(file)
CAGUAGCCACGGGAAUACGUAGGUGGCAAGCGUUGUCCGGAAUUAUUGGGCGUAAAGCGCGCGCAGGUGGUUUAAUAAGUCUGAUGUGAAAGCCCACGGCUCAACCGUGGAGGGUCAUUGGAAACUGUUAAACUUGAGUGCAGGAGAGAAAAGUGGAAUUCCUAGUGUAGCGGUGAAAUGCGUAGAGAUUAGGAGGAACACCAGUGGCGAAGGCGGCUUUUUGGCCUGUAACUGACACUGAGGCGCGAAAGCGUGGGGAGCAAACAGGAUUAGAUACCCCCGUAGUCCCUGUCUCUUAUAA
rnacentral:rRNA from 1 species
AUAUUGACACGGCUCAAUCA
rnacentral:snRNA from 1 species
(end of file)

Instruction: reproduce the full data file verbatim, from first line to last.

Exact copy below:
CAGUAGCCACGGGAAUACGUAGGUGGCAAGCGUUGUCCGGAAUUAUUGGGCGUAAAGCGCGCGCAGGUGGUUUAAUAAGUCUGAUGUGAAAGCCCACGGCUCAACCGUGGAGGGUCAUUGGAAACUGUUAAACUUGAGUGCAGGAGAGAAAAGUGGAAUUCCUAGUGUAGCGGUGAAAUGCGUAGAGAUUAGGAGGAACACCAGUGGCGAAGGCGGCUUUUUGGCCUGUAACUGACACUGAGGCGCGAAAGCGUGGGGAGCAAACAGGAUUAGAUACCCCCGUAGUCCCUGUCUCUUAUAA
rnacentral:rRNA from 1 species
AUAUUGACACGGCUCAAUCA
rnacentral:snRNA from 1 species